The third foremost-misconstrued aspect of Einstein’s equations by natural theologians has been to misinterpret GTR and time dilation.  The mathematics of this theory shows that while God makes the universe in six days in the earth’s reference frame (“Earth Standard Time”), the light has ample time in the extra-terrestrial reference frame to travel the required distances.[7]  The problem with this theory is that there are mathematical errors in its use of Einstein’s GTR.

One misunderstanding is the theory’s use of the Cosmological Principle.  It wrongly assumes that the long-time-scale implications of Big Bang cosmology are crucially dependent on the global validity of the principle and that the relaxation of this assumption, through the introduction of a boundary to the matter of the universe, produces dramatic differences in the gravitational properties of the universe.[8]  A second misunderstanding is the nature of time.  The theory wrongly affirms that the physical clock synchronization properties, which occur in the standard Big Bang model are due to the boundary conditions implied by the Cosmological Principle and that modification of these boundary conditions can change the way physical clocks behave.  Clocks in either our bounded or unbounded universe will behave exactly the same way whether on earth or at a distant galaxy provided there are identical interior matter distributions.[9] The third misunderstanding to be discussed is how GTR relates to event horizons (the point where escaping a mass’s gravity becomes impossible).  The theory wrongly affirms that observers who pass through event horizons observe dramatic changes in the rate of time passage in distant parts of the universe when it is the case that no such changes occur.[10]  Einstein’s impact on young-earth creationism has been profound and, arguably, has overthrown the tenability of young-earth creationism altogether.[11]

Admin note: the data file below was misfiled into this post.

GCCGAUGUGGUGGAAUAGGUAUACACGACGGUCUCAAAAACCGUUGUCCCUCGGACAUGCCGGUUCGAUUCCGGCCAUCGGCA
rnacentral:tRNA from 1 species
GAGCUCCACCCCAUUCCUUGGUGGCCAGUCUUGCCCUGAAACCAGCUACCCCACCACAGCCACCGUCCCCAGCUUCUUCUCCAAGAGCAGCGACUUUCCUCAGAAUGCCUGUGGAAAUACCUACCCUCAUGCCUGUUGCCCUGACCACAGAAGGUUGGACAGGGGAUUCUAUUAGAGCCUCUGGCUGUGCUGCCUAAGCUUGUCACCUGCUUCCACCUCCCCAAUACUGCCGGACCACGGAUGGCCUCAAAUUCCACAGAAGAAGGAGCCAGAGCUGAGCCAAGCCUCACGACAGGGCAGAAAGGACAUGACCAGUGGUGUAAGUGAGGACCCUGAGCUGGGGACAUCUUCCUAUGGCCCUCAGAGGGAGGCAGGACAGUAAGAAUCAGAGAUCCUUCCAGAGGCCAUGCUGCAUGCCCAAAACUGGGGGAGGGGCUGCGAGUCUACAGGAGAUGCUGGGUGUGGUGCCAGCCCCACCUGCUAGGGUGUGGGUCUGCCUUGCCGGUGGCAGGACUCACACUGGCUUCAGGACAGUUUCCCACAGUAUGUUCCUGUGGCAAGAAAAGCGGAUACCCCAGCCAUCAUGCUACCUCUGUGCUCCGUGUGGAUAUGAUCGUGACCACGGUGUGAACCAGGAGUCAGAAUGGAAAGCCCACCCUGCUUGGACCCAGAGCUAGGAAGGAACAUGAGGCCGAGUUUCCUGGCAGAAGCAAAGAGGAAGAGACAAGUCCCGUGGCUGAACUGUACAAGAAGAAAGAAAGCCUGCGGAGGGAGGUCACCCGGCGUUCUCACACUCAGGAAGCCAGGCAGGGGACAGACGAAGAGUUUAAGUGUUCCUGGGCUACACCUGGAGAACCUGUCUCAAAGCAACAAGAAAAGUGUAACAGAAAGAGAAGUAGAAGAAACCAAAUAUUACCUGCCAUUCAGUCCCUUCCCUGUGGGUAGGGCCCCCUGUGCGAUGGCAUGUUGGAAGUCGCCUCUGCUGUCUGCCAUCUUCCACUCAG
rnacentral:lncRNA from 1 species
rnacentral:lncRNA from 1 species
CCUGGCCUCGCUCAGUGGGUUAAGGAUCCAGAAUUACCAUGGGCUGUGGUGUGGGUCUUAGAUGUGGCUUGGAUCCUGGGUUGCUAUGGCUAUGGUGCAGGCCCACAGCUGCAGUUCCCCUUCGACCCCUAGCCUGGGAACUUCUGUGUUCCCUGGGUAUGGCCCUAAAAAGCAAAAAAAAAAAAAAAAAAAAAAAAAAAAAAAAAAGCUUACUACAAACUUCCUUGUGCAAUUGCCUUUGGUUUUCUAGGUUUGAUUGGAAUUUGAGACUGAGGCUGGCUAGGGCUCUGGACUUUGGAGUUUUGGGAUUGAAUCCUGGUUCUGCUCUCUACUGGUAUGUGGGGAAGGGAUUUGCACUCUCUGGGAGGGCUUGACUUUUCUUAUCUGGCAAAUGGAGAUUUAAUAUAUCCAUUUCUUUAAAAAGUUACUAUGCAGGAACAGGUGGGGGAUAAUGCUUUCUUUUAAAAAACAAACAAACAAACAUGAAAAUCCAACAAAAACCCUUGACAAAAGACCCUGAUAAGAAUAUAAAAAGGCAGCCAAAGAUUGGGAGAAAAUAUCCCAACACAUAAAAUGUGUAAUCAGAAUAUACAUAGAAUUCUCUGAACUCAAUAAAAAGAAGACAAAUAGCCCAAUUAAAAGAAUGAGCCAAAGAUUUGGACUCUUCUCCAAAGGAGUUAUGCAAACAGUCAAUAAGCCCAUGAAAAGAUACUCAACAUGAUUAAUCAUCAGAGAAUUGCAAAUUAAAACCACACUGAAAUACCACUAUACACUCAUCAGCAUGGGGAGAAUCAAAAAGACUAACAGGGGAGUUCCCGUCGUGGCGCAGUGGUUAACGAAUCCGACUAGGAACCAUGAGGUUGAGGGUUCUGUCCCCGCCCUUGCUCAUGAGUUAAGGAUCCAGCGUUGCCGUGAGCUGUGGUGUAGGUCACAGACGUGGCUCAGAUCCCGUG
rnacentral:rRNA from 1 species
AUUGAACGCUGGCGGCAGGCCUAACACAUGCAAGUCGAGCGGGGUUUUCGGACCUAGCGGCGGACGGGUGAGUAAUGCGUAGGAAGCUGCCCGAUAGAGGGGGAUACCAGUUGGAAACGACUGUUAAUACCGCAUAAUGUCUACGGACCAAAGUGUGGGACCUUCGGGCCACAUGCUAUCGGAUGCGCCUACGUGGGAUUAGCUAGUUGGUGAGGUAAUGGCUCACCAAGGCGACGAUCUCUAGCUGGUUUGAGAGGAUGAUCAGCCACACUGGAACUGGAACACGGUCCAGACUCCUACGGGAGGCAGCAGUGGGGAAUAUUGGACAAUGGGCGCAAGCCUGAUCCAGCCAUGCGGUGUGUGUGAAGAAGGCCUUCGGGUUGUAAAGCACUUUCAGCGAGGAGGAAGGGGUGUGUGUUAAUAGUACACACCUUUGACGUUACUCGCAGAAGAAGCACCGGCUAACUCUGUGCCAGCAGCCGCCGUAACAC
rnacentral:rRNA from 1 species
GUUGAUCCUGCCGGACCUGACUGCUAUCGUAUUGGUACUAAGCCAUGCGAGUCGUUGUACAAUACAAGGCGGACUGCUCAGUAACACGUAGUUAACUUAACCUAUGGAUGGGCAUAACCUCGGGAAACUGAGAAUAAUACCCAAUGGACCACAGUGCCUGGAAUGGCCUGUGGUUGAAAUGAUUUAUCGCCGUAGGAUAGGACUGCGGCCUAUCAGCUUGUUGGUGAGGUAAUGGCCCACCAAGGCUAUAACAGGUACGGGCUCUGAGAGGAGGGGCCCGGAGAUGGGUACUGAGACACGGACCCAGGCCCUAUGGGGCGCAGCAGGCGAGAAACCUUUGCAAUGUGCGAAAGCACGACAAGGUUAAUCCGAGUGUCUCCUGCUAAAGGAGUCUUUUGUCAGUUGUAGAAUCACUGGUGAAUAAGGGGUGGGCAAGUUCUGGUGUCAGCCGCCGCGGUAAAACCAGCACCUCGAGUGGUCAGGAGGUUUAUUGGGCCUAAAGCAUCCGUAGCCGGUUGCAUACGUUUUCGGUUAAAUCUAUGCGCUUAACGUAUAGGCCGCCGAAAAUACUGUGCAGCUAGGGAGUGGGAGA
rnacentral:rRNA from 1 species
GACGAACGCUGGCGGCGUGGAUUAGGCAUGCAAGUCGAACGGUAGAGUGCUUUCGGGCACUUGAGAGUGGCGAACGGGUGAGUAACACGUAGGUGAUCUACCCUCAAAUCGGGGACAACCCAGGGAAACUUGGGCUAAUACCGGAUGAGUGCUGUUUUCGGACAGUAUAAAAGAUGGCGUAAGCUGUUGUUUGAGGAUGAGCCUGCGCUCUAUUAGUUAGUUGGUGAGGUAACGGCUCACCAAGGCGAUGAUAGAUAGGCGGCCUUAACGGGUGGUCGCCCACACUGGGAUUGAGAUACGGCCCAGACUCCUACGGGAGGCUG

Einstein’s impact on natural theology has not been completely negative, as in the case for young-earth creationists, but for scientific theologians [and old-earth creationists] he has been a catalyst for epistemic and religious advances.  It is important to understand that as a GTR-based theory, the model does not describe the expansion of the material content of the universe into preexisting, Newtonian space, but rather the expansion of space itself.  The standard Big Bang model, as the Friedman-Lemaître model came to be called, thus described a universe that is not eternal in the past, but which came into being a g finite time ago.  Moreover, the origin it posits is an absolute origin ex nihilo.[12]  Christian theologians and philosophers already had arguments for a beginning of the universe based on necessity, contingency, and the concept of an actual infinite, but Einstein’s equations, which led the Standard Model, gave a mathematical and physical description of the universe that supported the Christian doctrine of creation.  The metaphysical concept of creatio ex nihilo now had empirical evidence.